When we, at ANTHILL, followed the trail towards sustainable fashion nine years ago, contemporary weave wearing and cultural appreciation were fresh, ambitious concepts.


The T’nalak of the T’bolis, the Abaca Pinanggabol of the Daraghuyan-Bukidnon tribe, and the Binakol of the Ilokanos were fabrics that belonged to us as a people, and were, in fact, part of us, our heirloom, our lineage. Our ancestors considered them our second skin but, with time, they became distant and disconnected, lost to a modern world.

But it’s 2019 now, and the landscape has since shifted thanks to maverick makers and weave wearers, a community that refused to let our beloved identity go. Words like “local”, “sustainable” and “handmade” are popular draw-ins. Weaves are cool now. Weaves are fun. Weaves are empowering (we’d like to think we played a significant role in that) and we’ve since claimed them as our own, but here lurks an unforeseen question still to be answered: do we, in this age of accessibility, know where they came from?


Take the death blankets of Kiangan, Ifugao, and a young designer’s use of the sacred ceremonial cloth in his gowns, table runners, and bed covers. Treading between cultural appropriation and appreciation is indeed a tedious and ongoing process.


We cannot work with a missing link. We should be a colony bonded in the drive to strengthen and honor this connection between maker and wearer. This is the solid foundation that makes ANTHILL’s ecosystem sustainable, and it’s imperative for us to check and balance ourselves and the community of wearers with which we thrive.

For many years, the Fashion Revolution Campaign has asked us to do one simple thing: to ask brands #whomademyclothes, to look at the socio, economic, cultural and ecological impacts of how our clothes are made. While we’ve treaded miles from where we came from on our trail towards accountability, there’s still a lot of work to be done.


Never before has Fashion Revolution’s campaign been more significant than it is now in this stage where we raise our collective voices to let our movements mirror our mantra: Wear with intention. Honor the connection. We honor mother nature as our source of sustenance from which our natural fibres grow. We honor the designers, our collaborators, the seamstresses, and tailors who innovate our textile and bring them to life. We honor our storytellers and Proud Weave Wearers who with their beautiful tapestry of words ensure that those #whomadeourclothes are made visible; that they are seen, and they are enough.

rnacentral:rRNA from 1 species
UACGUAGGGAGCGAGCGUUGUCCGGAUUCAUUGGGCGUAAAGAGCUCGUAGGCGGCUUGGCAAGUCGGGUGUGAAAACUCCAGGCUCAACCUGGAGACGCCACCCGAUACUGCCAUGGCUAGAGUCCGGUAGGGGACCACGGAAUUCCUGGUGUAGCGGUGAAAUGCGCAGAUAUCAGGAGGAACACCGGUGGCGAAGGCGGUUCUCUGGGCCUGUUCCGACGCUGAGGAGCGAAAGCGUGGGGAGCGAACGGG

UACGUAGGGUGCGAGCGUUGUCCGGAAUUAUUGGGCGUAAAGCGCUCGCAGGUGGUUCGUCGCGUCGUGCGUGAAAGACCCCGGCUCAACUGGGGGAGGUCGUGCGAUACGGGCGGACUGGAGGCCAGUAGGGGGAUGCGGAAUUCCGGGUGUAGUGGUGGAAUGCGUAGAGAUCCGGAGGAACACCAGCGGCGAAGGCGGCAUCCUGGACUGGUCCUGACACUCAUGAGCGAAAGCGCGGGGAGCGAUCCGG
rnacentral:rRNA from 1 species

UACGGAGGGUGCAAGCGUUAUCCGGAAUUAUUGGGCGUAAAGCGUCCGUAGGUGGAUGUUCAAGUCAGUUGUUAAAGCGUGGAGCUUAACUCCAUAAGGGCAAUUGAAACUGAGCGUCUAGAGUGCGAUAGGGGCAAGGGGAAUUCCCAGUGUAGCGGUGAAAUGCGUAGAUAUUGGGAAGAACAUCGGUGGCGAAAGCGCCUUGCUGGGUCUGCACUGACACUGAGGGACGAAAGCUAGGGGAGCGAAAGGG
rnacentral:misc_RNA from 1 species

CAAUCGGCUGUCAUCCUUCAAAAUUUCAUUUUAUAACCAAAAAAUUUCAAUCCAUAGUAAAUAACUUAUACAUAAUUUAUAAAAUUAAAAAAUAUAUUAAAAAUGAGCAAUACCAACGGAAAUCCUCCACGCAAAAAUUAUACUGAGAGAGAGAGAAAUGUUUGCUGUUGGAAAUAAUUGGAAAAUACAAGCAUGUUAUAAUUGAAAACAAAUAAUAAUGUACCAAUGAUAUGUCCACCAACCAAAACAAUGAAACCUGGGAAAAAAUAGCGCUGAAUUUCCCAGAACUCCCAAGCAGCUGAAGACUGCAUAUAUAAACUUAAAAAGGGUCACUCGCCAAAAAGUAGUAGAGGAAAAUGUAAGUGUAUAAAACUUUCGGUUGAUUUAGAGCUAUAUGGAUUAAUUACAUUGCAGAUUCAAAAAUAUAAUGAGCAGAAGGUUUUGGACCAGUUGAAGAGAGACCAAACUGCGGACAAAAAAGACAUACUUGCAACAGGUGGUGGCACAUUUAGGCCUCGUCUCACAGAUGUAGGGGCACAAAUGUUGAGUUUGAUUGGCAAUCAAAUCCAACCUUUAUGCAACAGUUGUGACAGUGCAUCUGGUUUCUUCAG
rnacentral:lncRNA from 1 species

Your questions encourage us to tell more stories, to be more transparent, to always hold us accountable to our commitments. Because we know you value every fibre of our heart woven cloth, we design with you in mind. We design with intention. We design our weaves to make them more wearable, accessible and versatile for your everyday wear. We also honor the weaves that have reached the end of their journey with you through our circularity program -- The Weave Exchange. Your old weaves aren’t thrown away. They are passed on with love and will soon be launched under a pre-loved line, Re-Weave.


Lastly, we honor the skills and heartwork of our Master Weavers- every mother, every woman weaving dreams into this world. Our mission powerfully emanates from them, and their constant affirmation to keep the value of weaving and weave-wearing alive. And if you, dear weave wearer, want to honor the same value, dare to ask brands you advocate for.


Ask difficult questions. Challenge all makers, big and small, to answer the question #whomademyclothes until the faces behind every piece of clothing become as accessible as the price on the tag. With something as important as our second skin, we deserve no less.

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